Writings by Cole Huffman


What I'd Really Like to Say About Church Attendance

I have a pastor-friend who speaks of letting things “perk” in you.  He doesn’t mean “perk” as in perkiness (thank God, as I am anything but perky), but “perk” as in percolator—meditating on something until you are ready to share it.  The perking doesn’t have to mean your words pour out piping hot.  When that happens one usually scalds people.  There’s a difference between scalding and scolding (a good biblical example of the difference is Psalm 39).  I’ve found God’s people can usually receive scolding if it is occasional, specific, substantive, and communicated without rancor, cynicism, or sarcasm.
With a holiday weekend just past, I have before me the opportunity to address church attendance.  In my 42 years—all of it spent in that last cultural bastion of “churchedness,” the South—presence at church has been, if not devalued, at least deemphasized.  Pastors of churches like mine used to stress attendance, not because they were number mongers, but from a core value that worshippers’ most visible expression of their commitment to the church was their attendance.  Families were expected to adjust their vacation or weekend travels to not miss church on Sunday or, if they could not, to attend church wherever they were on Sunday mornings.  This is how it used to be not that long ago.
But this core value is no longer taken for granted.  Yes, people should want to come to church; there is something pathetic in cajoling anyone to it; and some church aficionados will postulate that sporadic attendance is just another indication of church plateau.  Not always.  I’ve found that sporadic attendance can mean congregants believe their church is in such good shape that they aren’t missed.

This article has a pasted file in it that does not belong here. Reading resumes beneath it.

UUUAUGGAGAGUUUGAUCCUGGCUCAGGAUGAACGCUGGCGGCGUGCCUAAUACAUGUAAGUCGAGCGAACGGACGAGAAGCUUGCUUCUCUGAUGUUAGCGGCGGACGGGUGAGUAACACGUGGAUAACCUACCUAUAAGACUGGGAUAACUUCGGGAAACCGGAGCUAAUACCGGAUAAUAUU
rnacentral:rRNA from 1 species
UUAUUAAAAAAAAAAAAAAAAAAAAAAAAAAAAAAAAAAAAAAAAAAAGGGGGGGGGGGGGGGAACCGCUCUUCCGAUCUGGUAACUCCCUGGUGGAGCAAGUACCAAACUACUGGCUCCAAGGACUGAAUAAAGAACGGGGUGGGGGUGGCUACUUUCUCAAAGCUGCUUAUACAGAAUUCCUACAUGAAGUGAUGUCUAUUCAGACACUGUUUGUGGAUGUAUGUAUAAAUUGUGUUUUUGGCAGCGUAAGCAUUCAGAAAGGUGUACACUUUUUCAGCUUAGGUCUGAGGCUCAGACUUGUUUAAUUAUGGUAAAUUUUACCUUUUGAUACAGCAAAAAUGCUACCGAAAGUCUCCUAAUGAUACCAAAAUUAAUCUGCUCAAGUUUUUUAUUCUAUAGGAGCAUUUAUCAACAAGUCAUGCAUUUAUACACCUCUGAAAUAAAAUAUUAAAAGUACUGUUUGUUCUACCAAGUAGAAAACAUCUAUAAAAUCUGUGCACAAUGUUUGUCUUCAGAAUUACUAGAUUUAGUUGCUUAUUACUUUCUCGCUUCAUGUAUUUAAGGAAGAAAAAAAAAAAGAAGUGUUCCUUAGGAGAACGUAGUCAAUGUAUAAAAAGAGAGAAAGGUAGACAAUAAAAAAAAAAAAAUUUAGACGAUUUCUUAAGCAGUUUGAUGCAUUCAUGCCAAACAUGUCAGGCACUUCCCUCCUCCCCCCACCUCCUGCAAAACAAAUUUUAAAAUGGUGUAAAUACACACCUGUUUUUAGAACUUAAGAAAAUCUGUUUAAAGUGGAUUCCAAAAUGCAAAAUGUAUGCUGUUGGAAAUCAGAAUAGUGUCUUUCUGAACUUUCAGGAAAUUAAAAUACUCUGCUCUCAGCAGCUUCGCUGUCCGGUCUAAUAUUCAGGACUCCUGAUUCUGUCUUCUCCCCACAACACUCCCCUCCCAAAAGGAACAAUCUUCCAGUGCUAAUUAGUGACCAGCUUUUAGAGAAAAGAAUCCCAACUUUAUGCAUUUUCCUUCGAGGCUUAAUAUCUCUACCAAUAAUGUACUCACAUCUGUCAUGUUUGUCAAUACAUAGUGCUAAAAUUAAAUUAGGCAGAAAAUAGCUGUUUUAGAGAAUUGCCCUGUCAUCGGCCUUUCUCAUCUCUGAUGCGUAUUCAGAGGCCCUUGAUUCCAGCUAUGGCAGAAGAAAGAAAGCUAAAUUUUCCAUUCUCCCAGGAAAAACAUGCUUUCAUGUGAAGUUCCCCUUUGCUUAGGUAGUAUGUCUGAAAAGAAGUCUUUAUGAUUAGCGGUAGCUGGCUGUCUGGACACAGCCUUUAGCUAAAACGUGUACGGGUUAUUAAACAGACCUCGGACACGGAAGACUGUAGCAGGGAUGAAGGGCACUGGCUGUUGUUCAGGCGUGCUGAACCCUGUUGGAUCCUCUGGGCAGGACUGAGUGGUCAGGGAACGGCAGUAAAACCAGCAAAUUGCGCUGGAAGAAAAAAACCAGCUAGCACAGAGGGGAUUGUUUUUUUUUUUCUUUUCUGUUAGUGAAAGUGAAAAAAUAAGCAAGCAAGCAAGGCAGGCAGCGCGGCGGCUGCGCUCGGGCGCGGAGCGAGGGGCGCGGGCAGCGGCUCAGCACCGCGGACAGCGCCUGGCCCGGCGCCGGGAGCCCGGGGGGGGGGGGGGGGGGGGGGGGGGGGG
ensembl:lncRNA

It is not uncommon now for pastors to theologize church attendance by pointing out that the church is not a place but a people, not a Sunday event in a building but an experience of being the people of God in the world.  (Is it coincidental we began working this angle the more hyperextended and overstuffed our people’s lifestyles got?  We should be wary of theology adjusting for lifestyle.)  These contrasts between the church as place or people, however, true as they are, were never meant to be so starkly either/or, nor to convey that the assembling of ourselves together is optional.  And I’m referring here to what pastors who love and make their living in the institutional church have said and taught, not what the home-church or family integrated church movements say and teach, which are critical (I’d say overly so) of the institutional church.
The consequence for telling our people, both directly and indirectly, that their presence on Sunday morning is not as important as the worship of their lives throughout the week is that a lot of our people now believe their presence on Sunday morning is not as important as the worship of their lives throughout the week.  The law of unintended consequence is at work here, for in trying to trim the fat from evangelical ecclesiology—which was once too much about church attendance—we’ve cut into the muscle.
I say “we” because I share complicity in this.  When I was tapped to be Senior Pastor of First Evan, our Sunday evening service was on the backside of decline and our Wednesday Prayer Meeting, once an attendance staple at First Evan, is now a small group.  As a candidate, I conveyed to our search committee and Session that I had no interest in reclamation projects of either venue.  I still don’t.  But some in our church blame me for the attendance decline of these gatherings, believing I should steer them and commandeer the needed bodies to them.  I understand their frustration and agree with their argument that when a church gives away her Sunday nights and Wednesday nights to people’s otherwise interests, it is only a matter of time before the people are also less vigilant about Sunday morning.